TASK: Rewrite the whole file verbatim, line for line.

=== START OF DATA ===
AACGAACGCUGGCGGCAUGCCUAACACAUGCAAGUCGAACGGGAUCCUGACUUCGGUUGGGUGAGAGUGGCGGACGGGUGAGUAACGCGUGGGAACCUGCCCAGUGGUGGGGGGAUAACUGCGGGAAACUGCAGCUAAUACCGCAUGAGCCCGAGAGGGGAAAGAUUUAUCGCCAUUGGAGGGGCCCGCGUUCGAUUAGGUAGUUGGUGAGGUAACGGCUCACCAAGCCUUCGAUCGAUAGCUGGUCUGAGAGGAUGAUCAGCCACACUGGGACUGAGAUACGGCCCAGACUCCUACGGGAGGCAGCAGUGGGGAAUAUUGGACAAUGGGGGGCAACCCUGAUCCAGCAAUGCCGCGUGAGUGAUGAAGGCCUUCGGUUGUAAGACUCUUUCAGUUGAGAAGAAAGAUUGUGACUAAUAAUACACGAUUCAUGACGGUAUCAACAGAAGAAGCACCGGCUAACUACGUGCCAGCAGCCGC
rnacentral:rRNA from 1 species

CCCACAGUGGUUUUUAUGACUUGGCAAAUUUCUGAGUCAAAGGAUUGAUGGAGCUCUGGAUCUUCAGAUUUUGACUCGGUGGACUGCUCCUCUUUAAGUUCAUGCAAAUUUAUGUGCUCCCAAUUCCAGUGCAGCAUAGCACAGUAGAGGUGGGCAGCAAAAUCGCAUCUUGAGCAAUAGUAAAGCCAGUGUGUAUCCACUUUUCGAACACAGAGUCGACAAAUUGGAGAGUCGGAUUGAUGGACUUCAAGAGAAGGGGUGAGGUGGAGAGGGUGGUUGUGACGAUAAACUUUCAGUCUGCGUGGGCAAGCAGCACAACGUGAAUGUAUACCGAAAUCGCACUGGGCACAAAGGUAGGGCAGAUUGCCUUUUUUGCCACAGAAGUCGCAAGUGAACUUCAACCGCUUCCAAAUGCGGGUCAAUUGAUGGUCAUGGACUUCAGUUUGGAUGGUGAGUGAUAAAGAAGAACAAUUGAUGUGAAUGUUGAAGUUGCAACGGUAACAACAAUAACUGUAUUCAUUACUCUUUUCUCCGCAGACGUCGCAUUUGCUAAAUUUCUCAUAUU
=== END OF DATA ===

AACGAACGCUGGCGGCAUGCCUAACACAUGCAAGUCGAACGGGAUCCUGACUUCGGUUGGGUGAGAGUGGCGGACGGGUGAGUAACGCGUGGGAACCUGCCCAGUGGUGGGGGGAUAACUGCGGGAAACUGCAGCUAAUACCGCAUGAGCCCGAGAGGGGAAAGAUUUAUCGCCAUUGGAGGGGCCCGCGUUCGAUUAGGUAGUUGGUGAGGUAACGGCUCACCAAGCCUUCGAUCGAUAGCUGGUCUGAGAGGAUGAUCAGCCACACUGGGACUGAGAUACGGCCCAGACUCCUACGGGAGGCAGCAGUGGGGAAUAUUGGACAAUGGGGGGCAACCCUGAUCCAGCAAUGCCGCGUGAGUGAUGAAGGCCUUCGGUUGUAAGACUCUUUCAGUUGAGAAGAAAGAUUGUGACUAAUAAUACACGAUUCAUGACGGUAUCAACAGAAGAAGCACCGGCUAACUACGUGCCAGCAGCCGC
rnacentral:rRNA from 1 species

CCCACAGUGGUUUUUAUGACUUGGCAAAUUUCUGAGUCAAAGGAUUGAUGGAGCUCUGGAUCUUCAGAUUUUGACUCGGUGGACUGCUCCUCUUUAAGUUCAUGCAAAUUUAUGUGCUCCCAAUUCCAGUGCAGCAUAGCACAGUAGAGGUGGGCAGCAAAAUCGCAUCUUGAGCAAUAGUAAAGCCAGUGUGUAUCCACUUUUCGAACACAGAGUCGACAAAUUGGAGAGUCGGAUUGAUGGACUUCAAGAGAAGGGGUGAGGUGGAGAGGGUGGUUGUGACGAUAAACUUUCAGUCUGCGUGGGCAAGCAGCACAACGUGAAUGUAUACCGAAAUCGCACUGGGCACAAAGGUAGGGCAGAUUGCCUUUUUUGCCACAGAAGUCGCAAGUGAACUUCAACCGCUUCCAAAUGCGGGUCAAUUGAUGGUCAUGGACUUCAGUUUGGAUGGUGAGUGAUAAAGAAGAACAAUUGAUGUGAAUGUUGAAGUUGCAACGGUAACAACAAUAACUGUAUUCAUUACUCUUUUCUCCGCAGACGUCGCAUUUGCUAAAUUUCUCAUAUU